Horatio Humble Beats the Big “D”

Horatio Humble Beats the Big “D”

Margot Finke, author

Ellen Gurak, illustrator

Guardian Angel Publishing, Inc., 2010, Fiction

Suitable for:  Ages 5-10

Themes:  Dyslexia, Learning Disabilities, Differences

Opening/Synopsis:  “When Horatio Humble read words out loud/There were snorts and giggles from the classroom crowd./The teacher would frown and say, “‘Tut, tut!’  And Horatio’s mouth would close –tight and shut.”  Horatio is a bright student.  He gets A’s in Math and in History.   English and reading are a challenge.  He wants to read books, “But something was wonky within his poor head, so words in his books stayed a mystery instead.”   He and his parents meet with the teacher and Horatio learns he has dyslexia.  Horatio is told that he will attend a special class.  He is upset!  “Special class is for nitwits,” he whined.  “Every one of my friends will think that I’m dumb!”  After working with a teacher things begin to look brighter for Horatio.

Why I like this book:  First of all, Margot Finke beautifully wrote this book in rhyme.  The book is simple, compassionate and packed with hope.   Ellen Gurak’s bold and colorful illustrations are engaging  and show Horatio overcoming adversity.  This book should be in every school library.   It is fun and upbeat.  You can visit Margot Finke by clicking on her website.    She wrote a grade school rhyming book for dyslexic children

Resources:  There is a helpful parent-teacher guide included at the end.   Margot Finke also wrote a grade school rhyming book for dyslexic children.  If dyslexia is caught early it can be overcome according to the Mayo Clinic.  Did you know that Oprah, Bill Gates and Daniel Radcliffe had dyslexia?  To learn more about dyslexia contact the International Dyslexia Association and The Dyslexia Foundation.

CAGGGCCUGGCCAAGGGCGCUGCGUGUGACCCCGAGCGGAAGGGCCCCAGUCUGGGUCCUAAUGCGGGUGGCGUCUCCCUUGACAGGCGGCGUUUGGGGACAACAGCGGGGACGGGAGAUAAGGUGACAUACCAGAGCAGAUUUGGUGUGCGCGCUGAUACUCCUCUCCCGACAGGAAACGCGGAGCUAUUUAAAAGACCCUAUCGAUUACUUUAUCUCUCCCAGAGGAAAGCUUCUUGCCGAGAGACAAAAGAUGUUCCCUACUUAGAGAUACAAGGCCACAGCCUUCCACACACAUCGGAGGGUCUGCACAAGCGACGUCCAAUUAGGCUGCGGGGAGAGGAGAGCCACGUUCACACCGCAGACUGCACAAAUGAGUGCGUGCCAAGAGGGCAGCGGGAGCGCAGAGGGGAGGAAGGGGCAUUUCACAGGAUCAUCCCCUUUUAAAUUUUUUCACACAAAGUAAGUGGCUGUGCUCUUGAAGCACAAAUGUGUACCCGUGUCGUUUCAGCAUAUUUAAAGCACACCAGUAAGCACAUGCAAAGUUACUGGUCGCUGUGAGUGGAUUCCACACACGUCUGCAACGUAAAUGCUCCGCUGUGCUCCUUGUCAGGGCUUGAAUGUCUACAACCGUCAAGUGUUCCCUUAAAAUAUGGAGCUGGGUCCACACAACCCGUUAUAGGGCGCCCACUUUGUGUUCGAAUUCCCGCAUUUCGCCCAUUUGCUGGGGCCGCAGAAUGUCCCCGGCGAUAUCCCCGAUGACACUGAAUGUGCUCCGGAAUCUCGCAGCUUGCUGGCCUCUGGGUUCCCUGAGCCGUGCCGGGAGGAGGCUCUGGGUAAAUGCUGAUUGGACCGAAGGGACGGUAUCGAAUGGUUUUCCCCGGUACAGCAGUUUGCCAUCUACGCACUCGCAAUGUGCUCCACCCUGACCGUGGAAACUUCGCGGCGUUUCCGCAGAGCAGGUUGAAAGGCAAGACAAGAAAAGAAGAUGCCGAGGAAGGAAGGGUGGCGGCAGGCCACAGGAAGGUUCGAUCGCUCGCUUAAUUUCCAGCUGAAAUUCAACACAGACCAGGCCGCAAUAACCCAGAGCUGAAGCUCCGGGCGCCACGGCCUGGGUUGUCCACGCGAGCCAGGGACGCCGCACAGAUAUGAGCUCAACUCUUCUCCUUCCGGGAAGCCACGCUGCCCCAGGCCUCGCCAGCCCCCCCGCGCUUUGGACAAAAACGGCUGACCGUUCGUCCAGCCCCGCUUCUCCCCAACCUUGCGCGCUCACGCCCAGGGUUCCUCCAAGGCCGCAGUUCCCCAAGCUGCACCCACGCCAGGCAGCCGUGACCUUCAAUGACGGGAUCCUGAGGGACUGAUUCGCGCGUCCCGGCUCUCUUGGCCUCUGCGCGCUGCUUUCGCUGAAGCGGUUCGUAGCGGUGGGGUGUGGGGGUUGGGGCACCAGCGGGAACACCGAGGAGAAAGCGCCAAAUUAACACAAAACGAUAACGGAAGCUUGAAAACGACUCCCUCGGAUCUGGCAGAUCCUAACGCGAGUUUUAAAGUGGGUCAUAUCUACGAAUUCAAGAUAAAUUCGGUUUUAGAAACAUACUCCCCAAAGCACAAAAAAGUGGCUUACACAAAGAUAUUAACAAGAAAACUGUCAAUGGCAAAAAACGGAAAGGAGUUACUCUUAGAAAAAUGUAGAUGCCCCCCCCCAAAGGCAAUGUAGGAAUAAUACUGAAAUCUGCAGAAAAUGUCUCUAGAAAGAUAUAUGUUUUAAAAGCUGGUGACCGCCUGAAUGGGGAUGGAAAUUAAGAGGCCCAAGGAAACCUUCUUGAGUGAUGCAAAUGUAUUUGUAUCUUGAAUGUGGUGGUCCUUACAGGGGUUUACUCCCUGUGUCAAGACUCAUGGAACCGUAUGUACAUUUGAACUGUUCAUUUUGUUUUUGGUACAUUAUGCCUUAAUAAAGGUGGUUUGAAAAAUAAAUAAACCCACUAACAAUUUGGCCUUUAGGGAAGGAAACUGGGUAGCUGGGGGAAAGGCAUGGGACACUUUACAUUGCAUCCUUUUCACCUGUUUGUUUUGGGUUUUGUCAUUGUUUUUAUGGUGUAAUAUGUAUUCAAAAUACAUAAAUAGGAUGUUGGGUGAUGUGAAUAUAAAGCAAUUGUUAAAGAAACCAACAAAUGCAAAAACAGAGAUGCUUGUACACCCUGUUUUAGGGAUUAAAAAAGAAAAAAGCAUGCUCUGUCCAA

To see a complete listing of all the Perfect Picture Books with resources, please visit author Susanna Leonard Hill’s Perfect Picture Books.  Or click on the Perfect Picture Book Fridays  badge in the right sidebar.

About Patricia Tiltonhttps://childrensbooksheal.wordpress.comI want "Children's Books Heal" to be a resource for parents, grandparents, teachers and school counselors. My goal is to share books on a wide range of topics that have a healing impact on children who are facing challenges in their lives. If you are looking for good books on grief, autism, visual and hearing impairments, special needs, diversity, bullying, military families and social justice issues, you've come to the right place. I also share books that encourage art, imagination and creativity. I am always searching for those special gems to share with you. If you have a suggestion, please let me know.

48 thoughts on “Horatio Humble Beats the Big “D”

  1. Thanks for sharing this wonderful book, Pat. As someone who has worked extensively with dyslexic boys and girls, I know how important it is to have picture books on the topic. Thanks for sharing!


    • I didn’t know you worked with dyslexic kids. Joanna saw this book and recommended it. Have run across some other Margot Finke books I like. Thought this one good for our PPB.


    • Tracy, thank you so much for recommending my blog. That is great that your son’s school is having a Discovering Differences Day in September. I can only hope other schools do the same thing. There are so many children with special needs included in public schools. Teaching elementary kids is perfect.


  2. I’m going to Facebook this. Margot Finke is a friend of mine and I don’t have this book. I am so glad you did this review. It seems like I should finally get it or at least find somewhere to go and read it. I will check our library today. I am about to leave for it and came across your wonderful site.

    Thanks so much! This book is invaluable and I agree “it should be in every school”.


    • Joanna recommended the book to me and introduced me to Margot Finke. I really like her work and hope to review other books. Didn’t realize she was an Aussie. I am going to be reviewing a prominent author’s YA novel about a girl with dyslexia soon. Want more topics like this on my blog.